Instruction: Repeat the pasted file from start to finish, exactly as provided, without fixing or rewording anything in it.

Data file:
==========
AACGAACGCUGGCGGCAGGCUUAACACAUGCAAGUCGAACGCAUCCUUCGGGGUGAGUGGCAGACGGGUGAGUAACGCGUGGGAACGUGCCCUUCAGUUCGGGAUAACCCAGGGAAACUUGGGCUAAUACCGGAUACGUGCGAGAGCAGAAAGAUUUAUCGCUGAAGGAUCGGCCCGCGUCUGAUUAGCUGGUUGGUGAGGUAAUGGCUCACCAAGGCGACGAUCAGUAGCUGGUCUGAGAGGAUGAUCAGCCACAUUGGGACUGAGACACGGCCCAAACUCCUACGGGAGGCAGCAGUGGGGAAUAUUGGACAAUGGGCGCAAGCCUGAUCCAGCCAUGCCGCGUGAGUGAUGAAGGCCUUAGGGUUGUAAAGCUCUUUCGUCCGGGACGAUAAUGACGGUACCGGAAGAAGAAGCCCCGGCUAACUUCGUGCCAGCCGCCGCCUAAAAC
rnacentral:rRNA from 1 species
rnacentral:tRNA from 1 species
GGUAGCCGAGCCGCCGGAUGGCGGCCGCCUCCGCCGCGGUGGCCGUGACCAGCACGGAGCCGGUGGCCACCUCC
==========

AACGAACGCUGGCGGCAGGCUUAACACAUGCAAGUCGAACGCAUCCUUCGGGGUGAGUGGCAGACGGGUGAGUAACGCGUGGGAACGUGCCCUUCAGUUCGGGAUAACCCAGGGAAACUUGGGCUAAUACCGGAUACGUGCGAGAGCAGAAAGAUUUAUCGCUGAAGGAUCGGCCCGCGUCUGAUUAGCUGGUUGGUGAGGUAAUGGCUCACCAAGGCGACGAUCAGUAGCUGGUCUGAGAGGAUGAUCAGCCACAUUGGGACUGAGACACGGCCCAAACUCCUACGGGAGGCAGCAGUGGGGAAUAUUGGACAAUGGGCGCAAGCCUGAUCCAGCCAUGCCGCGUGAGUGAUGAAGGCCUUAGGGUUGUAAAGCUCUUUCGUCCGGGACGAUAAUGACGGUACCGGAAGAAGAAGCCCCGGCUAACUUCGUGCCAGCCGCCGCCUAAAAC
rnacentral:rRNA from 1 species
rnacentral:tRNA from 1 species
GGUAGCCGAGCCGCCGGAUGGCGGCCGCCUCCGCCGCGGUGGCCGUGACCAGCACGGAGCCGGUGGCCACCUCC